WOOD RIVER - The ASIST (Applied Suicide Intervention Skills Training) workshop was hosted by LivingWorks in collaboration with Compass Health, Missouri Chapter of the American Foundation for Suicide Prevention, and Osage County Anti-Drug Community Action Team.

Program Coordinators, Nathaniel Carlson and Marissa Green, and Program Director, Kenlea Herndon.

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The two-day workshop featured lectures, audiovisuals, discussions, and simulations. The workshop had the objective to provide individuals with skills on how to prevent suicide by recognizing signs, providing a skilled intervention, and developing a safety plan to keep someone safe.

Three staff from Riverbend Family Ministries' (RFM) SOAR program were in attendance - Program Coordinators, Nathaniel Carlson and Marissa Green, and Program Director, Kenlea Herndon.

The SOAR program staff work directly with at-risk adolescence in a group setting discussing sensitive topics around mental health. Staff were sent to this workshop with the intent for them to become more equip to have conversations regarding suicide and to respond appropriately and effectively in the event that an individual discloses suicidal ideation.

Nathaniel expressed, “I am very happy that we were able to attend the ASIST training on suicide prevention. We want to be on the forefront of helping teens navigate the complexity of life in a way that keeps them safe and healthy.”

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The SOAR program staff that attended the training all reported that they are better equipped to provide suicide first aid following the training. The workshop provided specific and easy-to-follow steps to supporting an individual experiencing suicidal ideation. There is a possibility that a SOAR client could disclose suicidal ideation due to the intimate setting of our services, and our staff now have the tools to better intervene and help them keep safe.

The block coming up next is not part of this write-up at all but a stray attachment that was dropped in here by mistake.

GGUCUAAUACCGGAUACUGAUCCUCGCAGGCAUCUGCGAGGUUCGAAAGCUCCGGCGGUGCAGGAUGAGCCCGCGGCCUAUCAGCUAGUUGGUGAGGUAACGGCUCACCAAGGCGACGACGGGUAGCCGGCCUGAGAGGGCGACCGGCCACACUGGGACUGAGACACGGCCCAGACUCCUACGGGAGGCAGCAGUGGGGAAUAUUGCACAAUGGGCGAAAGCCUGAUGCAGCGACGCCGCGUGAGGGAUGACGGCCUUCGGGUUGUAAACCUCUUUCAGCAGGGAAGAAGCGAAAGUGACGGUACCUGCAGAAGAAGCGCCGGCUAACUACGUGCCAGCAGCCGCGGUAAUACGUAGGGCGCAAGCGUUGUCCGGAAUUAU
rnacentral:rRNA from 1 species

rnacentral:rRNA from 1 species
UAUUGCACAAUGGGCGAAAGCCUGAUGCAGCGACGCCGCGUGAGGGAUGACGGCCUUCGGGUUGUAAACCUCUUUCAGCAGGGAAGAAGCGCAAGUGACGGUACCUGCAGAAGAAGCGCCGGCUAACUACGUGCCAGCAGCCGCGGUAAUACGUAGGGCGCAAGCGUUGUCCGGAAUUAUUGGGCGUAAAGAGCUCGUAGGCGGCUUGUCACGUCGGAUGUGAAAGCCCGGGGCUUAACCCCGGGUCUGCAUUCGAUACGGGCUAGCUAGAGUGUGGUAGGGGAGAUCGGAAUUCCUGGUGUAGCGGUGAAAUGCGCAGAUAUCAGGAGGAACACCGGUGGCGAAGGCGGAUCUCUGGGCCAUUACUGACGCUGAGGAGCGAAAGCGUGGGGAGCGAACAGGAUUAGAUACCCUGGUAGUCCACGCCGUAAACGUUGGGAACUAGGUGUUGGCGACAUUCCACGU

Beyond supporting our clients, our staff have been given the tools to assist even a stranger that might be showing signs of suicidal ideation, allowing for a suicide safer community. Kenlea Herndon the SOAR program Director stated, “We now have more tools in our toolbox to connect with our teens in a different way. In a more impactful way. Suicide is a hard topic to discuss, and I am honored to be working with a team who is willing to sit in the mud with people and have tough Conversations.”

The key takeaways from the ASIST training:

  • Understanding of attitudes and beliefs about suicide and prevention
  • Providing suicide first aid to a person at risk
  • Creating a suicide safety plan
  • Importance of identifying suicide prevention resources in the community

The SOAR program staff also had the opportunity to network with other attending members. A staff member from Prevention First in Springfield, IL was in attendance and connected with SOAR staff about their training offerings on youth development and prevention. Prevention First advances efforts to promote healthy behaviors and prevent substance misuse in every community through a variety of evidence-based and collaborative approaches, including training, support, and public awareness.

Marissa said, “Attending the ASIT training allowed me to connect with others on a deeper level. I feel confident in being able to utilize the skills that I have gained in suicide awareness. Our team has the ability to recognize and assist with our at-risk youth.”

They also shared information about their Student Advisory Board and expressed interest in connecting with the youth in the Metro-east area. SOAR staff also connected with a staff member from The Conflict Resolution Center located in St. Louis, MO regarding more training opportunities for staff. The Conflict Resolution Center empowers people to resolve conflict through accessible mediation, coaching, and education.

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